Released on the band’s 1987 album “Through The Looking Glass”, Siouxsie’s vocal, as imposing and impressive as ever, leads the song into a brand new direction. Now far more haunting and with a whiff of cobwebs in the air, the song’s long-standing imagery is rendered in a fine gloom before being punctuated with a swinging beat and the brassy breath of modernity that now feels inextricable from the original song.

It may be difficult to think that a band can be incredibly creative with a cover song but the startling thing about this album was how they managed to turn so many different songs into what sounded like an original Banshee creation. Of course, the best cover of the bunch is their version of Iggy Pop’s classic ‘The Passenger’.

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Peepshow (1988)

1988’s “Peepshow” introduced Specimen guitarist Jon Klein, before Sioux and Budgie took another Creatures detour with 1989’s “Boomerang” (Jeff Buckley later covered the song Killing Time). They also got married and relocated to south-west France. 

To assimilate one’s love for this album just be revisiting the single ‘The Killing Jar’ is all well and good—it’s a damn fine single. But to ignore the ginormous variety offered on this record, the wild creativity and the employment of some many production techniques would be to ignore exactly why The Banshees are still so beloved today.

The unpredictable orchestrations within the LP highlighted the band as avant-garde heroes of rock. Not content with hitting the same old patterns, the group instead used the notions of jazz and classical music to push the boundaries of the modern palette. By doing so, the band create a visionary album that not only paves the way of the future but painted one of the group’s most vivid sonic landscapes.

A swirling circus of an album, this is one to enjoy alone as the rivets of industrialised punk and the smell of disturbed pop take over.

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Superstition (1991)

The Banshees returned with 1991’s “Superstition“, with producer Stephen Hague stoking Sioux’s disdain for studio computers.  It’s hard to call any of these albums the ‘worst’ but if there’s one record where you could argue the group were lacking a bit of zip, it is this one. The record does arrive with some luscious string arrangements and a classic single in ‘Kiss Them For Me’ but otherwise, in comparison to the rest of the canon, “Superstition” falls flat.

Dealing with themes such as obsession, phobia and emotional damage is all par for the course and there are some classic doom-laden tracks for the Banshees pursuit to enjoy.

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The Rapture (1995)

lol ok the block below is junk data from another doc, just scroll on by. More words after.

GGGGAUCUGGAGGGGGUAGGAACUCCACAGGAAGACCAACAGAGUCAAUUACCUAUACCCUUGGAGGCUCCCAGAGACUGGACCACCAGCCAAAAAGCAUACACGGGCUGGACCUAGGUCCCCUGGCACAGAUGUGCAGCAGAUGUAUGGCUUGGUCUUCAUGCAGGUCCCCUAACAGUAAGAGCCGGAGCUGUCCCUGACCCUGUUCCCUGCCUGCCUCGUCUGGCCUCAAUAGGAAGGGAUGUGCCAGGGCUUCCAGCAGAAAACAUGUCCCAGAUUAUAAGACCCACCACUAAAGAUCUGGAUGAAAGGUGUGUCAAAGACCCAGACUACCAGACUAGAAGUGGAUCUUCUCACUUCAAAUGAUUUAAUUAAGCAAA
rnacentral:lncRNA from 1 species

For a band like Siouxsie and The Banshees, a fiery drive is an essential asset for making an album. One could argue that by the time they came to making 1995’s “The Rapture”, that fire had begun to burn out. An album split in two parts, the first recorded near Siouxsie and Budgie’s home, 1995’s The Rapture, part-produced by John Cale, became the Banshees’ swansong. Naturally using a cello as a primary instrument will do that but there was still a certain something that was missing from the LP.

In 1984, asked if he would know when it was time to finish the Banshees, Severin said: “I hope so, and I believe we would know. The understanding between Sioux and I wouldn’t allow us to carry on if that feeling wasn’t there. It’s instinctive and I trust it.” That moment came in 1996, as nostalgia raged for punk’s twentieth anniversary with a Sex Pistols reunion. Sioux stated: “I just think it’s the most dignified thing to do for the idea of the band and the spirit in which it started. We’ve had a fantastic journey.”

Siouxsie and Budgie continued as the Creatures before splitting around 2004. Siouxsie’s next release was 2007’s Mantaray, her robustly diverse solo debut. They reunited once, a core trio joined by guitarist Knox Chandler, for 2002’s “Seven Year Itch” tour, from which came the following year’s live album of the same name. The set-list for the tour favoured early album tracks rather than their greatest hits, typifying a band whose influence had burned into rock’s fabric. 

The massively influential records the Banshees released between 1978 and 1995 stand among the most timelessly evocative, provocative and compelling of their era, with songs tackling schizophrenia, childhood trauma, fatal compulsion, lacerated love and serial killers. 

The albums

  • The Scream (1978)
  • Join Hands (1979)
  • Kaleidoscope (1980)
  • Juju (1981)
  • A Kiss in the Dreamhouse (1982)
  • Hyæna (1984)
  • Tinderbox (1986)
  • Through the Looking Glass (1987)
  • Peepshow (1988)
  • Superstition (1991)
  • The Rapture (1995)